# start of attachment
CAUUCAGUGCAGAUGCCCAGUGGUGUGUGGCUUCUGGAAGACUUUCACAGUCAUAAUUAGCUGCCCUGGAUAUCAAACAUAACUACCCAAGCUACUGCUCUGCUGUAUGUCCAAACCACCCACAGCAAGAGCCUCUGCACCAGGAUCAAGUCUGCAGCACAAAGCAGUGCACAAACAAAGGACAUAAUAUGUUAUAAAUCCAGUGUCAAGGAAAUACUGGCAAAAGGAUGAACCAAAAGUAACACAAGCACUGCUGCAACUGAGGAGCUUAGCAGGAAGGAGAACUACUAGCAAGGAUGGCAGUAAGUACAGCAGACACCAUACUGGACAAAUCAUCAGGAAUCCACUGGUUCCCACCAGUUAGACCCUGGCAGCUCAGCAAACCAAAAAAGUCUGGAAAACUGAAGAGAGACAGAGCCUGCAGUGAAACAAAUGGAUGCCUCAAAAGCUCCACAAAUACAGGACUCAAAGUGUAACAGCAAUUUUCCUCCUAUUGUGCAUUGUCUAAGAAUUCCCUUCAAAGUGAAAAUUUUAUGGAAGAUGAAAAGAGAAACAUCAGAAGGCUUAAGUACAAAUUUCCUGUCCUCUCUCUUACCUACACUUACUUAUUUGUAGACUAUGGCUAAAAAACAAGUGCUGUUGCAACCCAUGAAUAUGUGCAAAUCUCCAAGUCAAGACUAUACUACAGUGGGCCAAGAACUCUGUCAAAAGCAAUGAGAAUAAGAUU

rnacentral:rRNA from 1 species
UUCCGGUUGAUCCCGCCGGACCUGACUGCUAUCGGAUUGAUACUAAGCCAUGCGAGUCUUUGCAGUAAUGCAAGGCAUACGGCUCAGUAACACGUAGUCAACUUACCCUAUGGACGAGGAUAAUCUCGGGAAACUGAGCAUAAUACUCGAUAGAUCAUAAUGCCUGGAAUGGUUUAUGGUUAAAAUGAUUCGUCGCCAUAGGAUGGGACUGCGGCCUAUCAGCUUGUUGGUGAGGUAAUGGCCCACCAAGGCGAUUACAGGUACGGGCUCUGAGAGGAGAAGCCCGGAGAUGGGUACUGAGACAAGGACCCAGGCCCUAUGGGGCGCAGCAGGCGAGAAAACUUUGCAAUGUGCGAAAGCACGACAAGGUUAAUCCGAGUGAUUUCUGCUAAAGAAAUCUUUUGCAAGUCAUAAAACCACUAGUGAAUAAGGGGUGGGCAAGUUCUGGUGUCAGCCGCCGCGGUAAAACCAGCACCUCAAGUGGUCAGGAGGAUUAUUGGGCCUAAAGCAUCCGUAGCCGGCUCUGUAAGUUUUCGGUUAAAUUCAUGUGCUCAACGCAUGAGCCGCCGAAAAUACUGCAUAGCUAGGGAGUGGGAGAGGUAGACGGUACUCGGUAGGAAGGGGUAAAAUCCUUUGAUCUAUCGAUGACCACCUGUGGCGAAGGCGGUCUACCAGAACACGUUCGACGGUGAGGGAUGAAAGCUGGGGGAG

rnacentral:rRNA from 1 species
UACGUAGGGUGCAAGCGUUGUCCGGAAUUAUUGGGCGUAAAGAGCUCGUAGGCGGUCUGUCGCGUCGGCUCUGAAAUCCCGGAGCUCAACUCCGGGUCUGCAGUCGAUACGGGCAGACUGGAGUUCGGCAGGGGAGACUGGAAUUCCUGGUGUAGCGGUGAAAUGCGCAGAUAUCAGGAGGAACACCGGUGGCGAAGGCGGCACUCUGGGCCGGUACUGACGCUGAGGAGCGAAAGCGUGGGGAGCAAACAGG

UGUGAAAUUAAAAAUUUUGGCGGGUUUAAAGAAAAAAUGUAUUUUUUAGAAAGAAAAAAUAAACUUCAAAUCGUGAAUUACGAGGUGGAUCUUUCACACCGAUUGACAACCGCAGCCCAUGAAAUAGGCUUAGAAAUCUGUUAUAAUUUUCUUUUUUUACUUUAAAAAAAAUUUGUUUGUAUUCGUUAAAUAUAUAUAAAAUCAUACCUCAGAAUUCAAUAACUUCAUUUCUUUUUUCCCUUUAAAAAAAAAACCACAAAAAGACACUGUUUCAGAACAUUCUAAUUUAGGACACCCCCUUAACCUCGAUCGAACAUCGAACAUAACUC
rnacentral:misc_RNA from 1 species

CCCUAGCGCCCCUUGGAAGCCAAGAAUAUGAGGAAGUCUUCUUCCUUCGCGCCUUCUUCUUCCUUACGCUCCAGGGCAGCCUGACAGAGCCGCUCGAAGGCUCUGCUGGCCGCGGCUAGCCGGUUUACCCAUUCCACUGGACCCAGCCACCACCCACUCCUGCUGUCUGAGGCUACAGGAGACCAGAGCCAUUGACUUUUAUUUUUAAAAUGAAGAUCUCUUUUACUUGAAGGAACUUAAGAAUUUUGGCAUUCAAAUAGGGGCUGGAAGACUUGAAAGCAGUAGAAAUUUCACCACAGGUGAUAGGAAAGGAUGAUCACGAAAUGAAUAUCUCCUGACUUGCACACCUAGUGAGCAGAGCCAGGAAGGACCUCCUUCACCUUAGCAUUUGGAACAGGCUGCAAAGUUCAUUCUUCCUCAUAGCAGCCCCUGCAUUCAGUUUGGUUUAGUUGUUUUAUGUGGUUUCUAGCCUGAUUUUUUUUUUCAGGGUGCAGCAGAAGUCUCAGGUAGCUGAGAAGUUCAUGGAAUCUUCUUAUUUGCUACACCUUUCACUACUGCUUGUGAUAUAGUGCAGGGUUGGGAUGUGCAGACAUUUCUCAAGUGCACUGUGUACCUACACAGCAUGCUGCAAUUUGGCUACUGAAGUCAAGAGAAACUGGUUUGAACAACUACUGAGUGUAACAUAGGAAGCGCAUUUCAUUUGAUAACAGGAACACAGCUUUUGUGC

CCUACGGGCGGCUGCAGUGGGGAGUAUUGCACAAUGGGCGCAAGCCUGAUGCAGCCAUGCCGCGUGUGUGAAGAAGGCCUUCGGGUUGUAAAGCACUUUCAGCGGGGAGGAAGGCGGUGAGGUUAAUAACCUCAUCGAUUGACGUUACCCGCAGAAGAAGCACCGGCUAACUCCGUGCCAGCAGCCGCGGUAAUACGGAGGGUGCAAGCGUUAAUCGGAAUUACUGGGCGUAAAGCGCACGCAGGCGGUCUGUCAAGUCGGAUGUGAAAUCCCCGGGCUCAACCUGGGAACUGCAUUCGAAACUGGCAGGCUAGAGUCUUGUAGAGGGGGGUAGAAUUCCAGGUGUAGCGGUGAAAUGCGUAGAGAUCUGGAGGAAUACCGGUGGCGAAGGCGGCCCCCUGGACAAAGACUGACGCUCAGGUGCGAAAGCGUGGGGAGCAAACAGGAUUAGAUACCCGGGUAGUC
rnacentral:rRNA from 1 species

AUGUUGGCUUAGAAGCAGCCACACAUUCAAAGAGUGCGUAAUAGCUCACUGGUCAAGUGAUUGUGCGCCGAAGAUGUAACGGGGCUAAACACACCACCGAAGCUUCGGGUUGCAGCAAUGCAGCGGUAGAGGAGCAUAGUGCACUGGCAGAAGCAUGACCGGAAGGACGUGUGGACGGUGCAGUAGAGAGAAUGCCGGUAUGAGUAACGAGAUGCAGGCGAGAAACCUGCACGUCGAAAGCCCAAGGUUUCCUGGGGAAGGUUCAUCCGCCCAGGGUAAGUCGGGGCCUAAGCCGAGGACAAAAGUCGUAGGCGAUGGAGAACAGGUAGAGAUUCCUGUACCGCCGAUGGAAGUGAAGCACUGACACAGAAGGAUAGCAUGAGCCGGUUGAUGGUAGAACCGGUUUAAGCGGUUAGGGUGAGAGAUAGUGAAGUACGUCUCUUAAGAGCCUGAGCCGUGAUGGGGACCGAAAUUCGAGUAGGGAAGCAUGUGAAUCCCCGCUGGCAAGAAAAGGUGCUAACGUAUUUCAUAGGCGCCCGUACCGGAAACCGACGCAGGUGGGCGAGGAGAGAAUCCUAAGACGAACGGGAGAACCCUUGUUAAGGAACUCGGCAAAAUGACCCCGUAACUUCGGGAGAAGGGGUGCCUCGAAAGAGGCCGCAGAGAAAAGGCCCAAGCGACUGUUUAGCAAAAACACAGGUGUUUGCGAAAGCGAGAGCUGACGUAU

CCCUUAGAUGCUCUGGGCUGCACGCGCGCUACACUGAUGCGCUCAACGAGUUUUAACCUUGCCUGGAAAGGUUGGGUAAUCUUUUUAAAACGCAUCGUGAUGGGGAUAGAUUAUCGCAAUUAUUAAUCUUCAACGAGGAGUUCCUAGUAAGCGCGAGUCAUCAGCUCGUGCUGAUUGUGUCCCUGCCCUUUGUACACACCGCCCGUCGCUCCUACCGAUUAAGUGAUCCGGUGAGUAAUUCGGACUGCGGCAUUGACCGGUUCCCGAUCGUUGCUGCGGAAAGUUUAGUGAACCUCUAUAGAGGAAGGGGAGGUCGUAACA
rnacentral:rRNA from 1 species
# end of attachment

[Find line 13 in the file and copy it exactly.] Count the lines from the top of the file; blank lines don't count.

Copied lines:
rnacentral:rRNA from 1 species